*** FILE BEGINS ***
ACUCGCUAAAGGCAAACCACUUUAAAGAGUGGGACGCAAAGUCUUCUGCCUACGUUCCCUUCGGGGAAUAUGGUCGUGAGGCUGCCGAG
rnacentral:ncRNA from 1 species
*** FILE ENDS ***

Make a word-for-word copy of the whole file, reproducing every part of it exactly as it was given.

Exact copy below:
ACUCGCUAAAGGCAAACCACUUUAAAGAGUGGGACGCAAAGUCUUCUGCCUACGUUCCCUUCGGGGAAUAUGGUCGUGAGGCUGCCGAG
rnacentral:ncRNA from 1 species